Through adjusting the intra cavity polarization controller the net cavity birefringence could be changed. Another situation as shown in Fig. 2b where both solitons have the same center wavelength was also obtained. Even in the case the two solitons have different Kelly sidebands. In particular, the first order Kelly sidebands of the weak soliton have slightly larger separation than that of the strong soliton, indicating that the induced soliton has a narrower pulse width than that of the strong soliton [9] .

Gain-guide vector soliton

Polarization rotation of vector soliton

Higher-order vector soliton

ee also

* Clapotis
* Freak waves may be a related phenomenon.
* Oscillons
* Q-ball a non-topological soliton
* Soliton (topological).
* Soliton (optics)
* Soliton model of nerve impulse propagation
* Spatial soliton
* Solitary waves in discrete media [http://www.livescience.com/technology/050614_baby_waves.html]
* Topological quantum number

References

* N. J. Zabusky and M. D. Kruskal (1965). "Interaction of 'Solitons' in a Collisionless Plasma and the Recurrence of Initial States." Phys Rev Lett 15, 240

* A. Hasegawa and F. Tappert (1973). "Transmission of stationary nonlinear optical pulses in dispersive dielectric fibers. I. Anomalous dispersion." Appl. Phys. Lett. Volume 23, Issue 3, pp. 142-144.

* P. Emplit, J.P. Hamaide, F. Reynaud, C. Froehly and A. Barthelemy (1987) "Picosecond steps and dark pulses through nonlinear single mode fibers." Optics. Comm. 62, 374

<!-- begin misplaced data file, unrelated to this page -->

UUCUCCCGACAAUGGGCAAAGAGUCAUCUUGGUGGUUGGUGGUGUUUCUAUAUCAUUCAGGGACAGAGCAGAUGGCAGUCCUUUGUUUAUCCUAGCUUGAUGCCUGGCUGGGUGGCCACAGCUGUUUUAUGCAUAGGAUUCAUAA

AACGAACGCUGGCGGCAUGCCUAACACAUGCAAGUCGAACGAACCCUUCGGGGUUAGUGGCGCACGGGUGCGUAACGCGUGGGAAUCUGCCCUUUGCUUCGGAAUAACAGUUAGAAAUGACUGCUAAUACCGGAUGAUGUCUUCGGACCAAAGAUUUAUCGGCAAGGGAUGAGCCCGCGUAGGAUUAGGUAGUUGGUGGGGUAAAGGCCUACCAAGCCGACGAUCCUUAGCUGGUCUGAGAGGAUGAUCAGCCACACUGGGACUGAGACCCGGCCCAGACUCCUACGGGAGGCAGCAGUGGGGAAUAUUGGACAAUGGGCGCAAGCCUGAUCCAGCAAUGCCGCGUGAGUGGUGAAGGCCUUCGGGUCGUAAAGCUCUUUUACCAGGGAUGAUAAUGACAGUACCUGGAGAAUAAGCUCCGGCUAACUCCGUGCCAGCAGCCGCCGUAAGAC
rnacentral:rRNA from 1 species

* P. G. Drazin and R. S. Johnson (1989). "Solitons: an introduction." Cambridge University Press.

* N. Manton and P. Sutcliffe (2004). "Topological solitons." Cambridge University Press.

* Linn F. Mollenauer and James P. Gordon (2006). "Solitons in optical fibers." Elsevier Academic Press.

* http://www3.ntu.edu.sg/home2006/zhan0174/

External links

* [http://www.sciencedaily.com/releases/2005/05/050506141331.htm Solitons, solitary waves and secondary or baby solitary waves in discrete media]
* [http://www.ma.hw.ac.uk/solitons/ Heriot-Watt University soliton page]
* [http://www.math.h.kyoto-u.ac.jp/~takasaki/soliton-lab/gallery/solitons/index-e.html The many faces of solitons]
* [http://www.usf.uni-osnabrueck.de/~kbrauer/solitons.html Klaus Brauer's soliton page]
* [http://homepages.tversu.ru/~s000154/collision/main.html Solitons and Soliton Collisions]
* [http://www.ma.hw.ac.uk/~chris/scott_russell.html John Scott Russell and the solitary wave]
* [http://www.severn-bore.co.uk/default.htm Severn Bore web site]
* [http://www.ma.hw.ac.uk/solitons/LocalHeroes/sr.html John Scott Russell biography]
* [http://unic.ece.cornell.edu Soliton in Electrical Engineering]
* [http://web.njit.edu/~miura/ Miura's home page]
* [http://www.ma.hw.ac.uk/solitons/soliton1b.html Photograph of Soliton on the Scott Russell Aqueduct]
* [http://www.pnas.org/cgi/reprint/102/28/9790 Solitons possible agent of nerve transmission (PDF)(pnas.org)]
* [http://www.youtube.com/watch?v=H4rN3Wr4ctw Three Solitons Solution of KdV Equation]
* [http://www.youtube.com/watch?v=5z5SylS2QHE Three Solitons (unstable) Solution of KdV Equation]
* [http://lie.math.brocku.ca/~sanco/solitons/index.html Solitons & Nonlinear Wave Equations]